DEA New Orleans Division Announces the Seizure of Over 20 Million Deadly Doses of Fentanyl in 2022
NEW ORLEANS – A few weeks ago, the Drug Enforcement Administration announced the seizure of over 50.6 million fentanyl-laced, fake prescription pills and more than 10,000 pounds of fentanyl powder this calendar year. The New Orleans Field Division, which covers the states of Louisiana, Mississippi, Alabama, and Arkansas, seized 501,761 of those pills and 613 of those pounds. The DEA Laboratory estimates that the New Orleans Field Division seizures represent more than 20.2 million potentially deadly doses of fentanyl. Those deadly doses could kill more than the entire population the New Orleans Field Division serves in these four states.
Fentanyl is the deadliest drug threat facing this country. It is a highly addictive man-made opioid that is 50 times more potent than heroin. Just two milligrams of fentanyl, the small amount that fits on the tip of a pencil, is considered a potentially deadly dose.
“The men and women of the DEA New Orleans Field Division have relentlessly worked to seize over 20.2 million deadly doses of fentanyl from communities across this four-state region,” said Brad L. Byerley, Special Agent in Charge of DEA’s New Orleans Field Division. “These seizures reflect our unwavering commitment to protect the communities where we live and work, pursuing anyone responsible for the trafficking of fentanyl. DEA’s top operational priority is to defeat the two Mexican drug cartels—the Sinaloa and Jalisco (CJNG) Cartels—that are primarily responsible for the fentanyl that is killing Americans today.”
Most of the fentanyl trafficked by the Sinaloa and CJNG Cartels is being mass-produced at secret factories in Mexico with chemicals sourced largely from China. In 2021, the DEA issued a Public Safety Alert on the widespread drug trafficking of fentanyl in the form of fentanyl-laced, fake prescription pills. These pills are made to look identical to real prescription medications—including OxyContin®, Percocet®, and Xanax®—but only contain filler and fentanyl, and are often deadly.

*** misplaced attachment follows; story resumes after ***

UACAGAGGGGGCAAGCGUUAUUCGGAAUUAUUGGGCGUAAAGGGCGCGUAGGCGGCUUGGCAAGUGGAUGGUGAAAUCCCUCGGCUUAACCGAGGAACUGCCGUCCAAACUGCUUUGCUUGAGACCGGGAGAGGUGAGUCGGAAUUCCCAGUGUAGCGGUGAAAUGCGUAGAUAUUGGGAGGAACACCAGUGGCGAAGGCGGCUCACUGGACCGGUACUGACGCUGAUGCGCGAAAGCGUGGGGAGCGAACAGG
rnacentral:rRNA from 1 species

Fake pills are readily found on social media. No pharmaceutical pill bought on social media is safe. The only safe medications are ones prescribed directly to you by a trusted medical professional and dispensed by a licensed pharmacist.
In November 2022, DEA alerted the public to a sharp nationwide increase in the lethality of fentanyl-laced fake prescription pills. DEA laboratory testing in 2022 revealed that six out of ten fentanyl-laced, fake prescription pills contained a potentially lethal dose of fentanyl. This is an increase from DEA’s announcement in 2021 that four out of ten fentanyl-laced, fake prescription pills contain a potentially deadly dose.
In 2022, DEA seized more than double the amount of fentanyl-laced, fake prescription pills that it seized in 2021. DEA also seized nearly 131,000 pounds of methamphetamine, more than 4,300 pounds of heroin, and over 444,000 pounds of cocaine.
DEA’s New Orleans Field Division seized 2,685 pounds of methamphetamine, 150 pounds of heroin, and 1,006 pounds of cocaine.
DEA is now providing a regularly updated counter at http://www.dea.gov to track approximate amounts of fentanyl pills and fentanyl powder seized by DEA.
DEA has created a Faces of Fentanyl memorial to commemorate the lives lost from fentanyl poisoning. To submit a photo of a loved one lost to fentanyl, please send their name, age, and photograph to firstname.lastname@example.org, or post a photo and their name to social media using the hashtag #JustKNOW.
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